That same year a memorandum was drawn up listing the project’s structural principles. Brunelleschi confirmed the dome would have a double shell, and he included the dimensions of the structural rings. He stressed once again that he would build it without any external support, but exactly how remained unclear. Today no documentation survives that explicitly explains his engineering behind the dome. Much of what is known comes through observation and analysis of the finished work.
Early on in the construction of the dome, the disappointed Ghiberti and his faction used various stratagems to sabotage Brunelleschi’s proposal. They accused him of deviating from Fioravante’s original project and of committing structural errors in the building work. They even grew so desperate that they complained that the dome’s design made the cathedral interior too dark. None of these controversies succeeded in holding back the project, though. After the base of the dome reached the agreed-upon height in 1426, approval was granted for the work to continue without any supporting structures.
In 1429 cracks caused by the weight of the dome were beginning to appear in the cathedral, but Brunelleschi fixed them with reinforcements of iron and wood. Slowly, layer by layer, the dome rose, with no scaffolding necessary. Drawing on his experience, Brunelleschi designed hoists to facilitate the work. These involved innovative uses of cogs and shafts, and they were equipped with various speeds and a reversible gear. Years later, Brunelleschi’s devices would be studied and sketched by another brilliant Renaissance mind, Leonardo da Vinci.
Through the 1430s, construction was hampered by cash flow problems, wage cuts, and a shortage of building materials. But Brunelleschi struggled on and in 1436 was vindicated. The magnificent dome was completed successfully, and Pope Eugenius IV consecrated the cathedral.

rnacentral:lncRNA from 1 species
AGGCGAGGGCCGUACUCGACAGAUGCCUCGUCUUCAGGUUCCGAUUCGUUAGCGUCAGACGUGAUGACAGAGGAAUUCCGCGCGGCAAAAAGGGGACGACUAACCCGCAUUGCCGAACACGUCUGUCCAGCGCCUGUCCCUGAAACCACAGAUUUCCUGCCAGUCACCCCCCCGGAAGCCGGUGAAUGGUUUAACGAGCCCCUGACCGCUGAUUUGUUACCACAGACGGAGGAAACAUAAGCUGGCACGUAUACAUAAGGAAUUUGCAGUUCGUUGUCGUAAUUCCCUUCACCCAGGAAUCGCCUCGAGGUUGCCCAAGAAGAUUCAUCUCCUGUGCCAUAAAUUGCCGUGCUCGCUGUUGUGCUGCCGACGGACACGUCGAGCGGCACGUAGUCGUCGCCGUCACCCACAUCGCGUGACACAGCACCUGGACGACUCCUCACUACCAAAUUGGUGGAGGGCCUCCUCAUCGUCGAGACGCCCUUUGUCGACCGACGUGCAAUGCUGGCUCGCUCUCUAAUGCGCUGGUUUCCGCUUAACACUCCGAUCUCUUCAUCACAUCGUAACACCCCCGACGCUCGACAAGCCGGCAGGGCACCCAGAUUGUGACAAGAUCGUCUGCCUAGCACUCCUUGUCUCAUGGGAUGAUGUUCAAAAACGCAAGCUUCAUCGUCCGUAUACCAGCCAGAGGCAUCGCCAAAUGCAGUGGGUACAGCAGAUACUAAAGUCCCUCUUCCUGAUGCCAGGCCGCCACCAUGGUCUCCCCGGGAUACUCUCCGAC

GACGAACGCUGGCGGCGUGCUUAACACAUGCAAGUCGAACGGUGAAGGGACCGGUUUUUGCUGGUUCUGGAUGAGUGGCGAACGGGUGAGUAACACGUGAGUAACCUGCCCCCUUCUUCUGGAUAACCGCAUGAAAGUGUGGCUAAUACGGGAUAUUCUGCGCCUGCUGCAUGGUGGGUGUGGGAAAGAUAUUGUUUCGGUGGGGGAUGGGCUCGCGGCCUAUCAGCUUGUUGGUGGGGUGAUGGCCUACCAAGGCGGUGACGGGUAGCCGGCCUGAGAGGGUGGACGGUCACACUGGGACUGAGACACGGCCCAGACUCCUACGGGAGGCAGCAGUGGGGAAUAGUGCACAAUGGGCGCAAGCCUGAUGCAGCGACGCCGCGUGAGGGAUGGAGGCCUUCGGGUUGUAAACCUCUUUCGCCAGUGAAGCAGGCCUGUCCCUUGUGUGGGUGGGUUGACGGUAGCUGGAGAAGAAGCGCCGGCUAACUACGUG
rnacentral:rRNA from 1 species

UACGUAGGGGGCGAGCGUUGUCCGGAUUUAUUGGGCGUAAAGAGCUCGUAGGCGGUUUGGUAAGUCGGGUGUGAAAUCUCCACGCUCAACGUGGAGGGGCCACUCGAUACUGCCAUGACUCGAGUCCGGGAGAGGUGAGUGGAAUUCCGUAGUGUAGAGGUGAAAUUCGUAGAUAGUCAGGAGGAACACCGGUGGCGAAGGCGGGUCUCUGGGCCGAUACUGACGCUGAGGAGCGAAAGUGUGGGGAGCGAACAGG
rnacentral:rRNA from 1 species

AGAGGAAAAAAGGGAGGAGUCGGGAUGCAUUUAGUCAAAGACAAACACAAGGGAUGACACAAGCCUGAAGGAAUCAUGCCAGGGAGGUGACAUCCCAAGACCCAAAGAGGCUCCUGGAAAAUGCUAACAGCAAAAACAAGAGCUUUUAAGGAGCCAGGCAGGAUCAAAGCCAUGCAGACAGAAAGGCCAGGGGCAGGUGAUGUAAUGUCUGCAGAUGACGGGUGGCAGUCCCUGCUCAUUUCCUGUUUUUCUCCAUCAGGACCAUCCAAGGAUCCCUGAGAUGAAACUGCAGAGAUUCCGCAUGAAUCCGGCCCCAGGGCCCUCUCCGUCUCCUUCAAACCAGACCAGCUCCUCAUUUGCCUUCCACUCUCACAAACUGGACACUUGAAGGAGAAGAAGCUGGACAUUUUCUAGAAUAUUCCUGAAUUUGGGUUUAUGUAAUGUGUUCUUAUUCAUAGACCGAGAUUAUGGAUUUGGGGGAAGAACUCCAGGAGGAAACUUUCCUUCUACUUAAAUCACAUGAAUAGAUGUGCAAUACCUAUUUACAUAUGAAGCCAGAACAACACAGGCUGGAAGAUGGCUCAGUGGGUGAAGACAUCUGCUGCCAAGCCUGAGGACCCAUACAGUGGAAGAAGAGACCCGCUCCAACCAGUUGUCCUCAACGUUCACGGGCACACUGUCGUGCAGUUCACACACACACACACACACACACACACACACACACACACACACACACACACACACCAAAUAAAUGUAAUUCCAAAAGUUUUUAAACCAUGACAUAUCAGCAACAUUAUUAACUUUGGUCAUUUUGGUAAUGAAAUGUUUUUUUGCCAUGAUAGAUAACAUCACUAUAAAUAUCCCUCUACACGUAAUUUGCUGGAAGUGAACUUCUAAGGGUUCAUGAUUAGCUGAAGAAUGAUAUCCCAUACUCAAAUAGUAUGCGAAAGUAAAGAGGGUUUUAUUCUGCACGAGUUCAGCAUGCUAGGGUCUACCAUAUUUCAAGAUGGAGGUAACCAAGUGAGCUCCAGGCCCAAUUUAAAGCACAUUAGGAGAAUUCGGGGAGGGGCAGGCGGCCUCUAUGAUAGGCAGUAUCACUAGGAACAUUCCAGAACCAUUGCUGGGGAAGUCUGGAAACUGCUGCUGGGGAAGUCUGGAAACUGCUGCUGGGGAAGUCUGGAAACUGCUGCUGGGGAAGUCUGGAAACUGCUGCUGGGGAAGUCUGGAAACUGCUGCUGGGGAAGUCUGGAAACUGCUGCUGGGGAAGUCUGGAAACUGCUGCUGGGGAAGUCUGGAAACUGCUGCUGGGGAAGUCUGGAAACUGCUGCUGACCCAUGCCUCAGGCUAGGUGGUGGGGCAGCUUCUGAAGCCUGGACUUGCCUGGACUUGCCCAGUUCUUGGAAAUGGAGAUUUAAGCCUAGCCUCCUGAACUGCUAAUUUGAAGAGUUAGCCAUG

Brunelleschi, however, was not given carte blanche in designing the lantern that would finish the mighty work. Once again a competition was held, and once again Brunelleschi’s design won out over that of his rivals. Drawing on his brilliance as a sculptor, he carved a model from chestnut wood, but he died in 1446 before it could be placed. His design for the lantern was finally completed and placed over the dome in 1471, topped with a copper sphere—the Palla— designed by Andrea del Verrocchio.
In the 16th century work continued on the cathedral, including the spectacular interior decoration of the dome, a stunning rendering of the Last Judgment begun by Giorgio Vasari. The facade of the cathedral was left unfinished and was dismantled in 1587. Three centuries later, it was rebuilt in a neo-Gothic design that sought to revive the stylistic principles originally proposed by Giotto in the 14th century.
Fifteenth-century Italian architect and polymath Leon Battista Alberti marveled at Brunelleschi’s grand achievement:
Whoever would be envious enough to deny praise to the architect Pippo, seeing such a structure towering over the skies? It is wide enough to cast its shadow over all the Tuscan people, made as it is without any beam or wooden supports. It is hard to believe that this was done at this time when nothing of the kind was ever to be seen in antiquity.
According to historical tradition, Filippo Brunelleschi was buried under the cathedral. The tradition, it turned out, was true: In 1972 his tomb was found in the crypt, in the shadow of his own gravity-defying dome.